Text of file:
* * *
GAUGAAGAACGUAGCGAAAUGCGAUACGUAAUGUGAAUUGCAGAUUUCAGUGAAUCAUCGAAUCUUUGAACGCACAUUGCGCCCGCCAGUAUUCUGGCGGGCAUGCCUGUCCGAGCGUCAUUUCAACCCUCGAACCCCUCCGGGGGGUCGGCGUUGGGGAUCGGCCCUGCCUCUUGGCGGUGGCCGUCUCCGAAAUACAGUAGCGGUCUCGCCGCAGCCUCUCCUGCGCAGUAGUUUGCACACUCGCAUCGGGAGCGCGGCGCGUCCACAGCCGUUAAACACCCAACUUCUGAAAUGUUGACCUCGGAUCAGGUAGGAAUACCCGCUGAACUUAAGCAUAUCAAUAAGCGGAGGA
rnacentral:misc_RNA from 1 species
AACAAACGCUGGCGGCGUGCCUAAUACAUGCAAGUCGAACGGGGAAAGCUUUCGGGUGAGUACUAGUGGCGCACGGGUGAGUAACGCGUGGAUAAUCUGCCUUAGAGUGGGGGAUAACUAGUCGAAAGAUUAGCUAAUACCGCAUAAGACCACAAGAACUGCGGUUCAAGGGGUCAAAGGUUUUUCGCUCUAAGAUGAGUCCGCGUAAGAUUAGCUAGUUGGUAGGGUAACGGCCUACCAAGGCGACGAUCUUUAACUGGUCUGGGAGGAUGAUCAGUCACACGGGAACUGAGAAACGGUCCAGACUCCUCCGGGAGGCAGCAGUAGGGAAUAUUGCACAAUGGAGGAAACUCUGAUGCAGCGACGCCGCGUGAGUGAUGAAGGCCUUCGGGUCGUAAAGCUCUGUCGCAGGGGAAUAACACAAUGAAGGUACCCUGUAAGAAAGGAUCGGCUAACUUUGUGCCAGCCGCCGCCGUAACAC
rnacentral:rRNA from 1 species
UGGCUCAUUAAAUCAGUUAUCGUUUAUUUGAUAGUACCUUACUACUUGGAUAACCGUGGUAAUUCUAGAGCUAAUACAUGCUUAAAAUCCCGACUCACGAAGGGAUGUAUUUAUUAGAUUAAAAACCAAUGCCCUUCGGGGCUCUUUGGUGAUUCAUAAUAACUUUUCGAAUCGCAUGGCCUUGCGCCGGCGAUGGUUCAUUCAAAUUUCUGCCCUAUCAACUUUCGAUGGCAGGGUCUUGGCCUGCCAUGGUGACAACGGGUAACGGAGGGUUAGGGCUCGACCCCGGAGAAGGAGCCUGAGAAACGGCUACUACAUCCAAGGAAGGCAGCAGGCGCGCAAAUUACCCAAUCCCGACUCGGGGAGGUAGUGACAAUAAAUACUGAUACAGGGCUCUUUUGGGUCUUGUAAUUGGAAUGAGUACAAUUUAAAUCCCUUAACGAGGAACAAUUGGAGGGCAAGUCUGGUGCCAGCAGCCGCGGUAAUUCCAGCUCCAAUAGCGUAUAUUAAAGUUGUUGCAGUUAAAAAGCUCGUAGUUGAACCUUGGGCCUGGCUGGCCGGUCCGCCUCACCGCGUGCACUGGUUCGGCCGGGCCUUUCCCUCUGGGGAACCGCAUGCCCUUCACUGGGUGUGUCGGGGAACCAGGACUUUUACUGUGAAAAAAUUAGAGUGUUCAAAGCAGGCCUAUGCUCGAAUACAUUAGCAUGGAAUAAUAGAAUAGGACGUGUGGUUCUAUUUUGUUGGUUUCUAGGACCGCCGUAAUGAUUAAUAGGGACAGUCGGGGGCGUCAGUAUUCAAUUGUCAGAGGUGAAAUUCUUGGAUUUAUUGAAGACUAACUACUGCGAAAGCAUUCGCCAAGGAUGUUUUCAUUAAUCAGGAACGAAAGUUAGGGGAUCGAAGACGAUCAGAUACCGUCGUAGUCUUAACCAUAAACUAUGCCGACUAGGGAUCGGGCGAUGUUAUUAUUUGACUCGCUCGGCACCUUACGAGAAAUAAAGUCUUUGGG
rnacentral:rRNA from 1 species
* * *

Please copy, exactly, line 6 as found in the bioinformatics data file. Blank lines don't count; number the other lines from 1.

rnacentral:rRNA from 1 species